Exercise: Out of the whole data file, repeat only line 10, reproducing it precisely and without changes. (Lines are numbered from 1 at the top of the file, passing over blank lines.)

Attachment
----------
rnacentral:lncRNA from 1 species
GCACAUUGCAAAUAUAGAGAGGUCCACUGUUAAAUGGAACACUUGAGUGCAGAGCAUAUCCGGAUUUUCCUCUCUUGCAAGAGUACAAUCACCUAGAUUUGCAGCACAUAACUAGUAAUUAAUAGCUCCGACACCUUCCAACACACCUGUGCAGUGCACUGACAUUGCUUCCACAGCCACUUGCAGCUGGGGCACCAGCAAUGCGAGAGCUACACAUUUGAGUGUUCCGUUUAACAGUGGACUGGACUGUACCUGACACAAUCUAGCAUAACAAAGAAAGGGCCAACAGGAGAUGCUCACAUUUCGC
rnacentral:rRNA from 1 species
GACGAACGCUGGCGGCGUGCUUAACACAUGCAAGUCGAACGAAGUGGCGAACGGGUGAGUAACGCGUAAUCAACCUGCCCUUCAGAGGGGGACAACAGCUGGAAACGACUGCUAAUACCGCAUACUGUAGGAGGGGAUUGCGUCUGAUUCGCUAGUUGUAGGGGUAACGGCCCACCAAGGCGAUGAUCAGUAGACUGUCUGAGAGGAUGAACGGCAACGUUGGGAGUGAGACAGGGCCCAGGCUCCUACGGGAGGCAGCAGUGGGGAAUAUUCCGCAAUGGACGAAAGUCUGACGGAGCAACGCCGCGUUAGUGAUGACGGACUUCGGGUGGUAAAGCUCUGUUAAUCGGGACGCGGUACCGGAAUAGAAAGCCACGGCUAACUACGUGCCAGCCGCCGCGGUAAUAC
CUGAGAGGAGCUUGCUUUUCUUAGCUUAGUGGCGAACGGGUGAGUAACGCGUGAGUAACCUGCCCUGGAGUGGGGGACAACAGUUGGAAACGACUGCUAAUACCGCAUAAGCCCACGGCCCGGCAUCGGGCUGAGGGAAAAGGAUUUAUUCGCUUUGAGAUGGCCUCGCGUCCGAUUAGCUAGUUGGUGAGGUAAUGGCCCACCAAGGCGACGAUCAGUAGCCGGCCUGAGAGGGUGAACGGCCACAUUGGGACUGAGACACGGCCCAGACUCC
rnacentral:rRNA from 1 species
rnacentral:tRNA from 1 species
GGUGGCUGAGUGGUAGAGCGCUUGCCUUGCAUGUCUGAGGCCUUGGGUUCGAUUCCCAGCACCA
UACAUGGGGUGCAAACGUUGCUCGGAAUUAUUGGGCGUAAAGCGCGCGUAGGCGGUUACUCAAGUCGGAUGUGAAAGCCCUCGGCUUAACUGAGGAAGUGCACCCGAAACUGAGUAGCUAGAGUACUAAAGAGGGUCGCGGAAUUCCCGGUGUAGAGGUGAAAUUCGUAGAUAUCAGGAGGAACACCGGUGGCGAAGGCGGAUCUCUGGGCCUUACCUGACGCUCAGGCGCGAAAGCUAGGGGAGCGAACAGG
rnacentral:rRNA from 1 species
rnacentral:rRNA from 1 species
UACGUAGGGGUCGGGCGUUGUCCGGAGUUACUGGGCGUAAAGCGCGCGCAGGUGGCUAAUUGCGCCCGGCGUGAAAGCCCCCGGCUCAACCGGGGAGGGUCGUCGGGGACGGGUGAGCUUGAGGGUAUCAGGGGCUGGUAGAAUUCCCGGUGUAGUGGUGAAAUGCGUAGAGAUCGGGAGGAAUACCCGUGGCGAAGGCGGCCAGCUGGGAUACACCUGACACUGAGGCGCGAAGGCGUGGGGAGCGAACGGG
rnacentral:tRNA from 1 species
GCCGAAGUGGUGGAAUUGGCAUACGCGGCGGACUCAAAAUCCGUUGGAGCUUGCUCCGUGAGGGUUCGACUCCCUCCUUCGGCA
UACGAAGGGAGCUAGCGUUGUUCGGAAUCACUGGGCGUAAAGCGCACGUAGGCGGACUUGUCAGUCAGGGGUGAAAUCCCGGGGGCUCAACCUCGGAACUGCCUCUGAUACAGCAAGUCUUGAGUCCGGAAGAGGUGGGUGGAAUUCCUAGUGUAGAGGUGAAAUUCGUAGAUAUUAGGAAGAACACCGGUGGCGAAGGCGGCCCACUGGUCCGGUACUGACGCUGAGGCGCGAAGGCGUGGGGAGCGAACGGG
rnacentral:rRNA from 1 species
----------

rnacentral:rRNA from 1 species